Tutorial – Making “Hair” for a Foam Head
Do you use a foam head to display or photograph hats or other items? These often show so much better with hair, but wigs (even halloween ones) can be pricy. Here’s an alternative you can do relatively quickly, and you probably already have some yarn in your stash that would work!
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Making “Hair” Tutorial
You can use any yarn for this, but I recommend avoiding wool or “fuzzy” yarns, as they can start to look matted pretty easily. I chose a worsted weight acrylic. Finer yarn will take you longer to make, but may look more realistic. Use a hook slightly on the large size for your yarn – you want the stitches big enough to pull the “hair” through later. Also, while I love colorful hair in blues and greens and purples, I suggest going with a more muted and natural look. Bright colors or funky textures can take attention away from the piece you are displaying.
Make the foundation:
Work foundation single crochet until you have a piece about 6 inches long without stretching. For me, this was 17 stitches. If you would prefer, you can make a starting chain of that length and then single crochet into the chain, but be sure to keep your chains loose as they will need to stretch. Fasten off.
Cut strands of hair:
Figure out how long you want the finished hair to be, from the top of the head to the bottom of the hair. Double that, and add a couple of inches for trimming. 26 inches is a good number if you’re not sure. That’s about 12 inches in length, doubled, with 2 inches added on. I cut mine way too long and had a bunch of wasted yarn in the end, but that’s better than too short.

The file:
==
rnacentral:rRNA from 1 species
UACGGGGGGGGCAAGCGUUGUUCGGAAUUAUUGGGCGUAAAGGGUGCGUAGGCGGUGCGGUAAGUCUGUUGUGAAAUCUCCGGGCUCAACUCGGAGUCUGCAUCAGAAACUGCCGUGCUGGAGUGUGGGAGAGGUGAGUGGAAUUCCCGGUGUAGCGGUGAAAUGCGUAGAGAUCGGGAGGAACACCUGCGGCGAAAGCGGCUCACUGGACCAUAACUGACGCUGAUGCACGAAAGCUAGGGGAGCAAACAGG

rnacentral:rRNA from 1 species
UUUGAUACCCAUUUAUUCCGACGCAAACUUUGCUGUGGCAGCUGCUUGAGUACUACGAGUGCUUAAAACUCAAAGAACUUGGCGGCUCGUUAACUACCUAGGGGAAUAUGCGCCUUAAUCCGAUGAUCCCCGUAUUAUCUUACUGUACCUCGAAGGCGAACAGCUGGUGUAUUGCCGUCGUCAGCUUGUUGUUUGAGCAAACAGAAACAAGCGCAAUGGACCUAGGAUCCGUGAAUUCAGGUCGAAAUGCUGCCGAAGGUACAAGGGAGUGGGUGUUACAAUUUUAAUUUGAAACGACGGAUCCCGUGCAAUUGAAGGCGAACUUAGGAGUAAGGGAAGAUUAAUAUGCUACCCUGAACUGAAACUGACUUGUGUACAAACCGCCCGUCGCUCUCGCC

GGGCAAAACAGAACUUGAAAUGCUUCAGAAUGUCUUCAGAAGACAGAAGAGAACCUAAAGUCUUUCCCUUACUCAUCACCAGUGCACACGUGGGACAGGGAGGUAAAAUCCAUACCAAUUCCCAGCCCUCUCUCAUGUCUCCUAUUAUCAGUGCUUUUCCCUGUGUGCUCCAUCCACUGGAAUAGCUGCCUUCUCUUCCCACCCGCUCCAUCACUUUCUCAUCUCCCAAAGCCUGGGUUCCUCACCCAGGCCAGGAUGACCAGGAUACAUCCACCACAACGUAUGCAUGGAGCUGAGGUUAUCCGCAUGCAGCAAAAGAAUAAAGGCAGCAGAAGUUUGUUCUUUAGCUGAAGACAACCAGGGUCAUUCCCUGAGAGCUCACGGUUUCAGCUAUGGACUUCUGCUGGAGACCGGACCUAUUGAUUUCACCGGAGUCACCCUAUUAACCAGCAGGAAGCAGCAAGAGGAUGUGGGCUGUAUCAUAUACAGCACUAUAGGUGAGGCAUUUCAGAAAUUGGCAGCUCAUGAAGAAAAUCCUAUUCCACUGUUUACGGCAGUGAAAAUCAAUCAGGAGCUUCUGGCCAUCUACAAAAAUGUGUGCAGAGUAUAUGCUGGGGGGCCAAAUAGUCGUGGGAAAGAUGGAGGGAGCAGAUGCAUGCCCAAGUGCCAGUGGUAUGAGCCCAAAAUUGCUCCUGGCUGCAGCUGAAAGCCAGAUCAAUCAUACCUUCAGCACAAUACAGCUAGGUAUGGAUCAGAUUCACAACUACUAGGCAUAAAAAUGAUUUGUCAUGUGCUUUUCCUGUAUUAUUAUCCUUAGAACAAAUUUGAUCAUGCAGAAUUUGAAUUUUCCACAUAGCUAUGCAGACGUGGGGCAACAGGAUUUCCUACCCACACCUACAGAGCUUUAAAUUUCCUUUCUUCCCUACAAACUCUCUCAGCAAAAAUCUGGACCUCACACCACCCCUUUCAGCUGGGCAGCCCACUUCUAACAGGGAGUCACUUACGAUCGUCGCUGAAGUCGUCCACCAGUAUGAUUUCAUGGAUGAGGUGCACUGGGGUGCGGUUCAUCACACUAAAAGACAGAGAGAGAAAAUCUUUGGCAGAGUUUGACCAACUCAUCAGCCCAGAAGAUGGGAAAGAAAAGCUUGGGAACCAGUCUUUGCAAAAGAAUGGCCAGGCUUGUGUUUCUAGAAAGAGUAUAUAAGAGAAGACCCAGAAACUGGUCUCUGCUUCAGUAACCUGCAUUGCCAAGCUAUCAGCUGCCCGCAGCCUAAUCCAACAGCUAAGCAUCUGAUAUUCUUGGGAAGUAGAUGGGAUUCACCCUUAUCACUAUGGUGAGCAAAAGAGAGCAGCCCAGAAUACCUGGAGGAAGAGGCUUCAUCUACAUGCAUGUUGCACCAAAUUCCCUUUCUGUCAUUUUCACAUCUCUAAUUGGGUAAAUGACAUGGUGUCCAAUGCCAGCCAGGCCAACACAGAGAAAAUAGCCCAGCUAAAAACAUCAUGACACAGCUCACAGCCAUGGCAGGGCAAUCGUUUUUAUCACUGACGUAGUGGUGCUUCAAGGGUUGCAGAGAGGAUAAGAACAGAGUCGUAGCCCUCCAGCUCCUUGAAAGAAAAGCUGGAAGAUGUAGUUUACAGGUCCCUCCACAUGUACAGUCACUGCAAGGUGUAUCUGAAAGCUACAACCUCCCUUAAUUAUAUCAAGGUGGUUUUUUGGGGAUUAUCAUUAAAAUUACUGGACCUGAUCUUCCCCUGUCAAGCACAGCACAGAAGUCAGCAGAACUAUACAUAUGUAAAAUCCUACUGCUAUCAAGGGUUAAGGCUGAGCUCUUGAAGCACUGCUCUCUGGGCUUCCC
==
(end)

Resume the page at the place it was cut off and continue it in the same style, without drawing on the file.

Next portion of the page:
Cut about 4 lengths of hair for each stitch you have – with 17 stitches, I needed 68 strands. Everyone has their own preferred way of doing this – some wrap it around an object, or pinch both ends and then go back and forth doubling the yarn on itself to match the length. My preferred way was to set my desired length on my handy tabletop swift, and then wind the yarn onto it.
Now cut the yarn at one side, so you end up with a whole bunch of nice, even strands of hair.
Adding hair to the foundation:
Take 4 strands of hair and fold them in half to make a loop. Insert your hook into the top of the first stitch, and pull this loop through.
Now pull the ends through that loop you just made. I like to pull the loop up really big and stick my fingers in it, but you could certainly do it with the hook if that’s easier for you. Pull it snug, and it should create a little tassel.
Repeat this in each stitch across. Be sure you’re making your loops in the same direction each time, so they look uniform.
Working into the bottom of the foundation row, repeat the same process in each stitch across. Again, be sure to work in the same directly so each tassel looks the same.
Attaching the Hair:
Start at the center front of the head, and pin one end of the “hair” into place securely, through the foundation row. Continue working from front to back, tacking down the hair as you go. Stretch it as needed so that it lies flat but doesn’t have big gaps. Don’t worry about pins showing – you’re going to be putting hats over them anyway! If needed, you can also use some tape to hold down stubborn bits.
Style and trim as desired. Feel free to use more pins and tape as needed. I used a piece of tape to keep the front hair off the face. Bangs are another option!
See my foam head’s new hairdo in action on my latest pattern – the Bucktown Slouch!
This is absolutely genius for the application I’m thinking of (to display hair accessories. Thank you.
you’re welcome! I’m glad it worked out for you 🙂 I used this head and hair for YEARS before finally upgrading to a more lifelike mannequin head with a wig. And honestly, I still prefer this one sometimes lol